The Myth of Obsolescence: Writing Appalachia as Relic Culture

The conceptual touchstone of obsolescence has blamed and continues to blame working-class Appalachian subjects for what they lack in terms of current mainstream, middle-class normativity.  But shifting the blame into the past does not address the need to see contemporary poverty, extreme class stratification, economic and environmental woes, and susceptibility to reactionary rhetoric as functions of the present society that continues to produce them.

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Certificate of Death – Clay Henry Cooper – 1913

From the death certificate of Clay Henry Cooper we learn that he was buried on Halloween in 1913. We find that Doctor Hopkins attended to Clay Henry during his last days, assigning the cause of death to “chronic asthma” and “engorgement of R. lung.” He died at 6:00am on October 28th, 1913. The “place of burial” was recorded as “Upper Twin Creek, O.,” with an undertaker’s address of “Buena Vista, O.”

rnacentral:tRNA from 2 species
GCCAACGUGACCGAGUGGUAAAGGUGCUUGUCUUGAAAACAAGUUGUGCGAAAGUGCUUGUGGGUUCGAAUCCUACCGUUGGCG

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Epitaph

Behold ye stranger
As you pass me by
As you are now
So once was I
As I am now
So you must be
Prepare for death and
Follow me.

Thus reads the epitaph of Clay Henry Cooper of Upper Twin Creek whose memorial obelisk and grave is located on the ridge top, high above the old Cooper homestead.

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